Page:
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Giving Away the Farm: How Corporate Cynicism, Savvy
Schmoozing and Relentless PR Paved
The Way to Unqualified Approval for
Two New Antiretrovirals

December 1995

"Grave disservice to the public health"

The FDA's Antiviral Drug Products Advisory Committee met on November 6-8 in a marathon session to consider accelerated approval for Glaxo Wellcome's Epivir brand lamivudine (3TC) and Hoffmann-La Roche's Invirase brand saquinavir, as well as full approval for Bristol-Myers Squibb's Zerit brand stavudine (d4T). TAG was there, getting all the data and dish. Spencer Cox prepared this report.

Order Now, and Receive a Free Set of Ginzu Steak Knives.

Glaxo-Wellcome's Epivir brand lamivudine (3TC) is a nucleoside analogue, just like AZT, ddI, ddC and d4T. In combination with AZT, Epivir has been shown to produce increases in CD4+ T cells and reductions in viral load. The data come from four clinical studies, all of which showed that use of 3TC at a dose of 300 mg a day in combination with AZT produced CD4+ T cell increases of 30-70 cells/mm3 and reductions in HIVplasma RNA of about 1.75 logs. In these AZT naïve patients, the CD4+ response was maintained above baseline out to 52 weeks and the RNA reduction remained below baseline up to 24 weeks.

Toxicities in the controlled trials were those commonly seen before with the nucleoside analogues: headache, nausea, malaise, fatigue, diarrhea, neuropathy, anemia (low red blood cell counts), leukopenia (low white blood cell counts) and some nasal symptoms. Some pancreatitis was also seen in adult patients--and in over 15% of the pediatric patients receiving 3TC.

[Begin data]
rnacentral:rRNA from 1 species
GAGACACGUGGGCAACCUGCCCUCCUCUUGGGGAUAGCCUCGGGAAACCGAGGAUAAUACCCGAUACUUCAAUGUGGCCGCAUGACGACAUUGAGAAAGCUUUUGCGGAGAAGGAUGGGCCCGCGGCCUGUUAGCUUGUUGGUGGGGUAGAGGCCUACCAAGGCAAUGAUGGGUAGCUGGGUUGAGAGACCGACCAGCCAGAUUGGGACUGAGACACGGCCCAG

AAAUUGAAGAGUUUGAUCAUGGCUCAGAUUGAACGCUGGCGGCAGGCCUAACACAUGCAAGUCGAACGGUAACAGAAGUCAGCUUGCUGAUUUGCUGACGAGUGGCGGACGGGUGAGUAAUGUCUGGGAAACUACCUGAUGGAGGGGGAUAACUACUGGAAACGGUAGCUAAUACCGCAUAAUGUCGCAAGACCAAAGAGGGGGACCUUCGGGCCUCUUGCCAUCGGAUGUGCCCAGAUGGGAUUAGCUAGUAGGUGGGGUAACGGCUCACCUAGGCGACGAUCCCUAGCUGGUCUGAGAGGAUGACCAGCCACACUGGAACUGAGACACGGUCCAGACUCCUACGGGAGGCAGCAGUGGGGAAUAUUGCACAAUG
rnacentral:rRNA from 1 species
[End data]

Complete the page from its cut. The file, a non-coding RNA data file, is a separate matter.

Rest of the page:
There was very little data on the 35,000 patients who have received 3TC through Glaxo Wellcome's industry-maligned expanded access program, due to the company's "passive" reporting system for adverse events. This was cause for considerable consternation

For the future, Glaxo Wellcome has planned a large, multinational study to examine the possible clinical benefits of antiretroviral combinations with 3TC. The study will involve 1,200-1,500 patients with CD4+ T cell counts 25-250 cells/mm3. Study participants will be randomized to receive either standard-of-care, standard-of-care + 3TC or standard-of-care + loviride, a TIBO-like non-nucleoside reverse transcriptase inhibitor. (If standard-of-care becomes AZT+ddI, will this study end up testing double combination reverse transcriptase inhibitor therapy to triple ?) The study is planned to be completed by the end of 1996. Finally, the company has planned a study in approximately 700 antiretroviral naïve pediatric patients comparing 3TC+ddI to 3TC+AZT+ddI. This study could yield important cross-resistance data on the combination of ddI and 3TC.
During the hearing, several aspects of Glaxo Wellcome's NDA troubled the advisory committee. To start, Glaxo Wellcome was applying for a pediatric indication based on new regulations that require only evidence of efficacy in adults, and then supplemental pharmacokinetic data to justify comparable dosing in children. The pediatric data, though, suggested that differing absorption rates in children often result in higher blood levels of drug in children than in adults, and a very high rate of pancreatitis (>15%). Much to our dismay, Dr. David Feigal, Director of FDA's Antiviral Drug Products Division, informed the committee that considering this clinical data on 3TC's effect in kids would violate the spirit of the regulations; the committee was to ignore the clinical data and focus only on the required pharmacokinetic data. (Babies don't vote and, after all, it is an election year.)